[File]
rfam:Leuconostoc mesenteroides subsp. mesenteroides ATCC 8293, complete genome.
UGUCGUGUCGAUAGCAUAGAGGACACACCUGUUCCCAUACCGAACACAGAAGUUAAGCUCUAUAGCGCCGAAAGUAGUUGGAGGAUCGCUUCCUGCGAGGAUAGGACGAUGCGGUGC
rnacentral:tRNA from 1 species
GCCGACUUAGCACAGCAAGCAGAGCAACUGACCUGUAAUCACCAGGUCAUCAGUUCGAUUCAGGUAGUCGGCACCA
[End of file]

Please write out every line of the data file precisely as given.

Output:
rfam:Leuconostoc mesenteroides subsp. mesenteroides ATCC 8293, complete genome.
UGUCGUGUCGAUAGCAUAGAGGACACACCUGUUCCCAUACCGAACACAGAAGUUAAGCUCUAUAGCGCCGAAAGUAGUUGGAGGAUCGCUUCCUGCGAGGAUAGGACGAUGCGGUGC
rnacentral:tRNA from 1 species
GCCGACUUAGCACAGCAAGCAGAGCAACUGACCUGUAAUCACCAGGUCAUCAGUUCGAUUCAGGUAGUCGGCACCA